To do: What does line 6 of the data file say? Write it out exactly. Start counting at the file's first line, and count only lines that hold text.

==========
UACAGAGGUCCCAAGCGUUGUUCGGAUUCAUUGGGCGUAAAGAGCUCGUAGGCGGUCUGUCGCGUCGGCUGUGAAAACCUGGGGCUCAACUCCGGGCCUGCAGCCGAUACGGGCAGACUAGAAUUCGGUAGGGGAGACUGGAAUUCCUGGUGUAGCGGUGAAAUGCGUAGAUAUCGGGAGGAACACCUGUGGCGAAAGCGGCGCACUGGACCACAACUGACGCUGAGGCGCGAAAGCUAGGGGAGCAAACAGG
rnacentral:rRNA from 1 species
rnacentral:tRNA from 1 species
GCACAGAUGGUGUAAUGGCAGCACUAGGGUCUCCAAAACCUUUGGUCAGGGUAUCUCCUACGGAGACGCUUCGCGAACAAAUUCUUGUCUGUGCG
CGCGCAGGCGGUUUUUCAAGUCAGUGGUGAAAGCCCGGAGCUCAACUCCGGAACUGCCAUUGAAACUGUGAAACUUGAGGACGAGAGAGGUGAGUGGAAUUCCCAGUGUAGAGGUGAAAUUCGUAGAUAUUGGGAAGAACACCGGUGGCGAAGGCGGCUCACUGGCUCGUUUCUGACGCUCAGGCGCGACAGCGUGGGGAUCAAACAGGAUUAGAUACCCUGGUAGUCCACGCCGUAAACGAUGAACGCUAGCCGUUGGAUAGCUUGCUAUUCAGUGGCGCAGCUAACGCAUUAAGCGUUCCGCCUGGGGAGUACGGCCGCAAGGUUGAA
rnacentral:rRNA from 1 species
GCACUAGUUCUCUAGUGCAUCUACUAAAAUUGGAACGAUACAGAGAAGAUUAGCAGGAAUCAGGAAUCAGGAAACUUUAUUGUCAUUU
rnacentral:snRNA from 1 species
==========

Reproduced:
rnacentral:rRNA from 1 species